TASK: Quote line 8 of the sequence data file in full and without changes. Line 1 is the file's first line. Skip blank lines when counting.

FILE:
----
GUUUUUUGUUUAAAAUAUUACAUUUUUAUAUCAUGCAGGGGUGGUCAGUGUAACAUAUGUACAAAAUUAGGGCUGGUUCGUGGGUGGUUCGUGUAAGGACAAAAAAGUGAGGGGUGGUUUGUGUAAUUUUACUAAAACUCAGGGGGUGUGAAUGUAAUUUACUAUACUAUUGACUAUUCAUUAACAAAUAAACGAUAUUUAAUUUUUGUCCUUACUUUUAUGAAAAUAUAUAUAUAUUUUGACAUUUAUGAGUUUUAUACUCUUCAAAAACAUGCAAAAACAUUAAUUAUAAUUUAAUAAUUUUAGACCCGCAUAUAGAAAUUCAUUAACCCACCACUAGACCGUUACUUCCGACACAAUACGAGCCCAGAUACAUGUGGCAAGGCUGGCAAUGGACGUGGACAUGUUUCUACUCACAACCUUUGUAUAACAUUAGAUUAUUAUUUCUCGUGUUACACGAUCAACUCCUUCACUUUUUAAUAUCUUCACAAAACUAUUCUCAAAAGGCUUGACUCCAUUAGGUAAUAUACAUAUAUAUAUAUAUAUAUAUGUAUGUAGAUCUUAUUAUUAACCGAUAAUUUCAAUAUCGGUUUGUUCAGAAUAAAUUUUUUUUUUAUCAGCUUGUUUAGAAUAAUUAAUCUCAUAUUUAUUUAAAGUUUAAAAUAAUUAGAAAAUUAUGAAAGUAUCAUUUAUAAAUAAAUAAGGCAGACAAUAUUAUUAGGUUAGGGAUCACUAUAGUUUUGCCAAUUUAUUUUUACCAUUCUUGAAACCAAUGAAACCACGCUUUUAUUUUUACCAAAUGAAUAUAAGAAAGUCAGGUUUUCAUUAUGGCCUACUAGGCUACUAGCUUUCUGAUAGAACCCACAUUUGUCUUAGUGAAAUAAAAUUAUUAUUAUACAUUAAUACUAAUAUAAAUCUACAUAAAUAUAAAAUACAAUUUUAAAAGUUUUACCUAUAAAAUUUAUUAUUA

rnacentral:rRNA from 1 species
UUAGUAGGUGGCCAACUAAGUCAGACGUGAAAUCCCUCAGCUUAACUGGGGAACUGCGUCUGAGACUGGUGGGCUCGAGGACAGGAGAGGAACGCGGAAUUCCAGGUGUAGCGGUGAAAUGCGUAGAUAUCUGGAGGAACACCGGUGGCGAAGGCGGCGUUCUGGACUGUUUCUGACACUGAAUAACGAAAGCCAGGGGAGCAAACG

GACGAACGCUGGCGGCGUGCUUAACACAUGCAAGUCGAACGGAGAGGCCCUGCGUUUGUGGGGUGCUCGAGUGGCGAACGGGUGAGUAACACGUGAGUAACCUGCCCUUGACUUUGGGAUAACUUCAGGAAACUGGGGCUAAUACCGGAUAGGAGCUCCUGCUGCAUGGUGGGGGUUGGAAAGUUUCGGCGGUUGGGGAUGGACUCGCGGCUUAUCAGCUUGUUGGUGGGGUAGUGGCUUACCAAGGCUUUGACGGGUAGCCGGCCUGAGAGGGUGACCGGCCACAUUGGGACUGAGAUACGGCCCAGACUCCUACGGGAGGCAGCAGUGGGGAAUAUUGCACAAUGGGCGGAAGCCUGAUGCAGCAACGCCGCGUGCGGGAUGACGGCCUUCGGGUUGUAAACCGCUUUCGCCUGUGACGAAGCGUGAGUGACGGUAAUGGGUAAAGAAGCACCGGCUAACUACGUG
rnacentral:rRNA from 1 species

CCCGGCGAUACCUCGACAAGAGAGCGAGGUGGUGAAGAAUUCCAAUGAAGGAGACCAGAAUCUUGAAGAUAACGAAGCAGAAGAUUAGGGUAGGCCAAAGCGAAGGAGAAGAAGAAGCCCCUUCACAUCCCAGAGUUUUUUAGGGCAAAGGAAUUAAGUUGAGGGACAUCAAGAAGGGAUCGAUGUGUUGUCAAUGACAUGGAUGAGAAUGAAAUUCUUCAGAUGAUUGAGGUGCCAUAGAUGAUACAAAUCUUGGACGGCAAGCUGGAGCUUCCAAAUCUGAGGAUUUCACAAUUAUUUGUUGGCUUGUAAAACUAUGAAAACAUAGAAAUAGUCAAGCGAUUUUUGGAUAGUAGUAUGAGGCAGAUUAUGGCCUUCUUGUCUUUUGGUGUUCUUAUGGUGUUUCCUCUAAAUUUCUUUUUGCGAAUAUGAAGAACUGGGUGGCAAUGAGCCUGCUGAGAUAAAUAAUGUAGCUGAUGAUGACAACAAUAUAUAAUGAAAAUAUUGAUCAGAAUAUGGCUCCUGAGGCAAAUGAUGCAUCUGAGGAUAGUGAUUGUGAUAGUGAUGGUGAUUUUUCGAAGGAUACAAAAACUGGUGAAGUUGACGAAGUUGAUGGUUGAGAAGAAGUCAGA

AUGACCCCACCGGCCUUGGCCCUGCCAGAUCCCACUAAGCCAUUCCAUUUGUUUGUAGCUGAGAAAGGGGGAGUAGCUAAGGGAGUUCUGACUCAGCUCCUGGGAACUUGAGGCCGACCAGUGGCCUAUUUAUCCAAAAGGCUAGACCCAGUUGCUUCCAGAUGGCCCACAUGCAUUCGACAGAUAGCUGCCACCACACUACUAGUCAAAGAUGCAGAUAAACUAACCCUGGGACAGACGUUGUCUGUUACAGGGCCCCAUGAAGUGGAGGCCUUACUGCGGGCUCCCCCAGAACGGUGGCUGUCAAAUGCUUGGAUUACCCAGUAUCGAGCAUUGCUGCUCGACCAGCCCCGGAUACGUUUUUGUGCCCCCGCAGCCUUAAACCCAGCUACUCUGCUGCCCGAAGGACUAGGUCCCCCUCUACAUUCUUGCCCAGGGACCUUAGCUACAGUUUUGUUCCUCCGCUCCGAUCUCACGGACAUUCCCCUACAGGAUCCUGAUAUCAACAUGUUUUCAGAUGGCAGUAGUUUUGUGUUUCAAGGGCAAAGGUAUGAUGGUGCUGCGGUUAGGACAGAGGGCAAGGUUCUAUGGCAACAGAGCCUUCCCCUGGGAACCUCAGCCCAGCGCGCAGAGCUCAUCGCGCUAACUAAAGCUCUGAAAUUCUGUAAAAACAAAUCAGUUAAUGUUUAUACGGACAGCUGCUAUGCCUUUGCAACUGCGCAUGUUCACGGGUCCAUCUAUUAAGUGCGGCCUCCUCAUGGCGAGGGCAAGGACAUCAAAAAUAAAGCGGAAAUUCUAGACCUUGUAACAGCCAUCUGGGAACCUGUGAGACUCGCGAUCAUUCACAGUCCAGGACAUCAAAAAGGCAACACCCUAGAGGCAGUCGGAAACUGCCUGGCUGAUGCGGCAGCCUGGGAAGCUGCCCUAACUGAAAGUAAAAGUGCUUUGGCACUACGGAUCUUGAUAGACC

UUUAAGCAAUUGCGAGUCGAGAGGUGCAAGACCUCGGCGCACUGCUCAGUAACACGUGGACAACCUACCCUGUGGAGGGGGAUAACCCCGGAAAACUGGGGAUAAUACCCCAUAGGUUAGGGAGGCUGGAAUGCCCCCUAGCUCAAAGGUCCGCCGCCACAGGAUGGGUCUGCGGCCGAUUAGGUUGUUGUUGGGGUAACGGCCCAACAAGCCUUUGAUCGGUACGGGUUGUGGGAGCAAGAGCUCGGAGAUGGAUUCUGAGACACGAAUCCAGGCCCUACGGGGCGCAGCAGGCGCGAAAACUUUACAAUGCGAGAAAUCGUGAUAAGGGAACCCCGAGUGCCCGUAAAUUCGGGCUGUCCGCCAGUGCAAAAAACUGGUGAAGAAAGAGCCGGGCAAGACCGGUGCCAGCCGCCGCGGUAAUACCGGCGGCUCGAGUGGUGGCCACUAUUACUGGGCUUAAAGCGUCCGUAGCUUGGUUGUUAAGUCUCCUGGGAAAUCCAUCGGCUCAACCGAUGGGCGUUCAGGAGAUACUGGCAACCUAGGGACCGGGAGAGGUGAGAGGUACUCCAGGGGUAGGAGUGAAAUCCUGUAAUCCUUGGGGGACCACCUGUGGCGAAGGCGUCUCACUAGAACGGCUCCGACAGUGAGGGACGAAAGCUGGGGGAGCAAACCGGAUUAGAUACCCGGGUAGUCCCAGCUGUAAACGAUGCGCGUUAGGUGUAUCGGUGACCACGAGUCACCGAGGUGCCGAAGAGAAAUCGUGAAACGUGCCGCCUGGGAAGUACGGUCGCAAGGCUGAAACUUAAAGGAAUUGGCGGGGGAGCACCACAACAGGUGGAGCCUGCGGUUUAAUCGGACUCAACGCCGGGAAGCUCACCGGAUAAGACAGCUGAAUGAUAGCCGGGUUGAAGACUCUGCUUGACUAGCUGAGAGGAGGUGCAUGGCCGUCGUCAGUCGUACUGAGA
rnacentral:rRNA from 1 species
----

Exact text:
UUUAAGCAAUUGCGAGUCGAGAGGUGCAAGACCUCGGCGCACUGCUCAGUAACACGUGGACAACCUACCCUGUGGAGGGGGAUAACCCCGGAAAACUGGGGAUAAUACCCCAUAGGUUAGGGAGGCUGGAAUGCCCCCUAGCUCAAAGGUCCGCCGCCACAGGAUGGGUCUGCGGCCGAUUAGGUUGUUGUUGGGGUAACGGCCCAACAAGCCUUUGAUCGGUACGGGUUGUGGGAGCAAGAGCUCGGAGAUGGAUUCUGAGACACGAAUCCAGGCCCUACGGGGCGCAGCAGGCGCGAAAACUUUACAAUGCGAGAAAUCGUGAUAAGGGAACCCCGAGUGCCCGUAAAUUCGGGCUGUCCGCCAGUGCAAAAAACUGGUGAAGAAAGAGCCGGGCAAGACCGGUGCCAGCCGCCGCGGUAAUACCGGCGGCUCGAGUGGUGGCCACUAUUACUGGGCUUAAAGCGUCCGUAGCUUGGUUGUUAAGUCUCCUGGGAAAUCCAUCGGCUCAACCGAUGGGCGUUCAGGAGAUACUGGCAACCUAGGGACCGGGAGAGGUGAGAGGUACUCCAGGGGUAGGAGUGAAAUCCUGUAAUCCUUGGGGGACCACCUGUGGCGAAGGCGUCUCACUAGAACGGCUCCGACAGUGAGGGACGAAAGCUGGGGGAGCAAACCGGAUUAGAUACCCGGGUAGUCCCAGCUGUAAACGAUGCGCGUUAGGUGUAUCGGUGACCACGAGUCACCGAGGUGCCGAAGAGAAAUCGUGAAACGUGCCGCCUGGGAAGUACGGUCGCAAGGCUGAAACUUAAAGGAAUUGGCGGGGGAGCACCACAACAGGUGGAGCCUGCGGUUUAAUCGGACUCAACGCCGGGAAGCUCACCGGAUAAGACAGCUGAAUGAUAGCCGGGUUGAAGACUCUGCUUGACUAGCUGAGAGGAGGUGCAUGGCCGUCGUCAGUCGUACUGAGA